@Stingersxc

Very proud of Athletics Canada for these 5 additions. They are worthy of competing in London and Athletics Canada has done well by supporting these athletes.

"OTTAWA - Athletics Canada announced five additional nominees today to the 2012 Olympic Games team. Daundre Barnaby of Brampton, Ont., Aaron Brown of Toronto, Ont., Tremaine Harris of Markham, Ont., Kerri-Ann Mitchell of Pickering, Ont., and Sheila Reid of Newmarket, Ont., were nominated to the Canadian Olympic Committee for inclusion on the 2012 Olympic Games team. This brings the total nominees to the Olympic Games team by Athletics Canada to 45, the largest in recent history.

Daundre Barnaby will compete in the 400-metres; he was on Athletics Canada's original nomination list but was held back as he didn't yet have a Canadian passport. His final nomination was pending acquiring a Canadian passport which he has now done.

Aaron Brown submitted an appeal for Rising Star consideration in light of a minor injury that kept him from running at full capacity in the 100-metres at the Canadian Track and Field Trials, and forced him to scratch from the 200-metres. Aaron is only 20-years old, has a history of international success and over the course of the season ran one Olympic A standard in the 100-metres and two in the 200-metres. The National Team Committee was comfortable in nominating him in the 200-metres as a "truly exceptional" Rising Star pending the completion of a competitive readiness test which will be determined by Head Coach Alex Gardiner and relay / sprints coach Glenroy Gilbert. This readiness test will consist of a 200-metre race in Ottawa at the Ontario Senior Track and Field Championships this weekend."

Tremaine Harris was nominated by the National Team Committee in the 200-metres as a Rising Star under the "truly exceptional circumstances" clause following his outstanding performances at the NACAC under-23 Championship. Harris won the Canadian Track and Field Trials as a 20 year old, ran two Olympic A standards at the NACAC U-23 Championship, including posting a time of 20.22 seconds which ranks him ninth in the World, and third all-time amongst Canadian athletes. Harris also had the required two B standards within the Qualifying period.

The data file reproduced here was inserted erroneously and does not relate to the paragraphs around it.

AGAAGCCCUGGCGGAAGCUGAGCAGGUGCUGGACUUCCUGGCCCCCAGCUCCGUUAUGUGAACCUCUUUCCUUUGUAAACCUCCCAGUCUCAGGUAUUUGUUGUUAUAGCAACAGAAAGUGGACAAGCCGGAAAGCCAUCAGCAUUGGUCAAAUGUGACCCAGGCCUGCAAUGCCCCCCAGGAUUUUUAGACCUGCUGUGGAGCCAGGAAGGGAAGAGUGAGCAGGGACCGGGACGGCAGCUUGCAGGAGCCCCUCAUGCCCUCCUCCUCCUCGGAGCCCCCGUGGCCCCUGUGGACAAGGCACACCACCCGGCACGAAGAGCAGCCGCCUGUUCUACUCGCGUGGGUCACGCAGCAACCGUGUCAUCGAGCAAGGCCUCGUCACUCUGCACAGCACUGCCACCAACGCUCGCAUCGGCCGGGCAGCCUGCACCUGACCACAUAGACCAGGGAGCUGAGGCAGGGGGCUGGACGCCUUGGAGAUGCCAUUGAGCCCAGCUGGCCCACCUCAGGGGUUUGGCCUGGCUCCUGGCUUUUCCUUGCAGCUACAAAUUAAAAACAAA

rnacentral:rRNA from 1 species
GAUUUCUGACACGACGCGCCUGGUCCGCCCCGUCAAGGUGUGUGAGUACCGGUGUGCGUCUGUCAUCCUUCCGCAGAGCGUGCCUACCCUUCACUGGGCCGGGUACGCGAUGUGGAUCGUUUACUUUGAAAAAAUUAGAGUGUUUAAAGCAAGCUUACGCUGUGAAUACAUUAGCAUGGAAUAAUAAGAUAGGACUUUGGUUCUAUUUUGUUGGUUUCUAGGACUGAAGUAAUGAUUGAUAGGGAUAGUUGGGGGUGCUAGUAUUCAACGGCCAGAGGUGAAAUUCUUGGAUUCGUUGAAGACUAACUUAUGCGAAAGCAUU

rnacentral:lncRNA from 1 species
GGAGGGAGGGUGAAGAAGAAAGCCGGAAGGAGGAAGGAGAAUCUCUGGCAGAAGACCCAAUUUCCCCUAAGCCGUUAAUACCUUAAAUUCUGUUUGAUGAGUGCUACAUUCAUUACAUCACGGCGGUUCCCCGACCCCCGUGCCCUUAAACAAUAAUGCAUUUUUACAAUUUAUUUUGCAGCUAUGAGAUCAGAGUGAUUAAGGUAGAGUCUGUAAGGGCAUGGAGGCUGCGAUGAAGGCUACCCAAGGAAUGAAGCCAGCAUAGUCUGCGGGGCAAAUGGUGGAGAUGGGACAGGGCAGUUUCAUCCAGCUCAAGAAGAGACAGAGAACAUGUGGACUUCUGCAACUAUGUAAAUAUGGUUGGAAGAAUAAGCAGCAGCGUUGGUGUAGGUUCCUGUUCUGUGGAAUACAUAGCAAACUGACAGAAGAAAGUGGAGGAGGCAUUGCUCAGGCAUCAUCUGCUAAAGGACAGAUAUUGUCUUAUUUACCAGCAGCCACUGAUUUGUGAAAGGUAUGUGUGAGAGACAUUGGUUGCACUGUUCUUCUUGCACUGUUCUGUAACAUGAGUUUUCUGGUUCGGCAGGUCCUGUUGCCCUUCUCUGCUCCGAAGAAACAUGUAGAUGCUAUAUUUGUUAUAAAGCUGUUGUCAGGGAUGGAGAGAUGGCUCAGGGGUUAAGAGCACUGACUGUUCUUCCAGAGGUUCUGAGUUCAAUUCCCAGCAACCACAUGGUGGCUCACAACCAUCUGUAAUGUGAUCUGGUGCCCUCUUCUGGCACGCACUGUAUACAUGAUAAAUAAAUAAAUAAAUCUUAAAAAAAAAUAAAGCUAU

Kerri-Ann Mitchell was added to the team as a result of Phylicia George of Markham, Ont., scratching out of the 100-metres in London to concentrate on the 100-metre hurdles. This opened a spot for Mitchell to be named under Athletics Canada's Rising Star policy as she met all stated requirements.

Sheila Reid submitted an appeal for Rising Star consideration based on winning the Canadian Track and Field Trials in the 5000-metres and having an Olympic B standard in the event. Sheila also has two Olympic B standards in the 1500-metres. Reid was the national champion in the 1500-metres in 2011 and is a five time NCAA champion demonstrating her ability to compete on demand in championship races. The National Team Committee was willing to nominate her in the 5000-metres pending a competitive readiness test which she successfully completed earlier this week.
07/12/2012 11:24:12 AM
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[quote=bryano]Very proud of Athletics Canada for these 5 additions.[/quote] Hardly. No way can you justify leaving the marathoners off the team and putting Reid on. Good for Reid but pride is not what I feel. Far from it.